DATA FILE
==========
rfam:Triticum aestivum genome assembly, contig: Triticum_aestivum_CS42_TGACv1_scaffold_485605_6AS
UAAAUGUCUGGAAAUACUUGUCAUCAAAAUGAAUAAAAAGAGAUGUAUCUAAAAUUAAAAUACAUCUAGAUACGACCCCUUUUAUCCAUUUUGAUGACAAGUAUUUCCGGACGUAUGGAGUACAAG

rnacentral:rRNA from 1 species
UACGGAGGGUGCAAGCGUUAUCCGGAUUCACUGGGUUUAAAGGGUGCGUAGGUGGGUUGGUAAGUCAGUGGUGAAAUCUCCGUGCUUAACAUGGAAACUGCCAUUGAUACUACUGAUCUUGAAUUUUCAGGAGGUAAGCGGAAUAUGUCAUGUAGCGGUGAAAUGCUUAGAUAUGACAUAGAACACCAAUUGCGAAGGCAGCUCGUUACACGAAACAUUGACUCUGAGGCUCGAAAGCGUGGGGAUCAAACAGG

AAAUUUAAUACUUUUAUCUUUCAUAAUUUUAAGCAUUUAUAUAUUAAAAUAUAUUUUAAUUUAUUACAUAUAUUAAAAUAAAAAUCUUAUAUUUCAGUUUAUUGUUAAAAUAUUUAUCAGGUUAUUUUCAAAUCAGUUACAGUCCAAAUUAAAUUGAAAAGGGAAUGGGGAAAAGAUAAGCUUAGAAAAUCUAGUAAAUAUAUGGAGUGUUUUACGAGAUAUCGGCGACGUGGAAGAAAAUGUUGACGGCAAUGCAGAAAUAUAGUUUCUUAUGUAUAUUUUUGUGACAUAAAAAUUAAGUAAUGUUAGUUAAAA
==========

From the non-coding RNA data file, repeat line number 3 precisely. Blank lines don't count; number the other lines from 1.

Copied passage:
rnacentral:rRNA from 1 species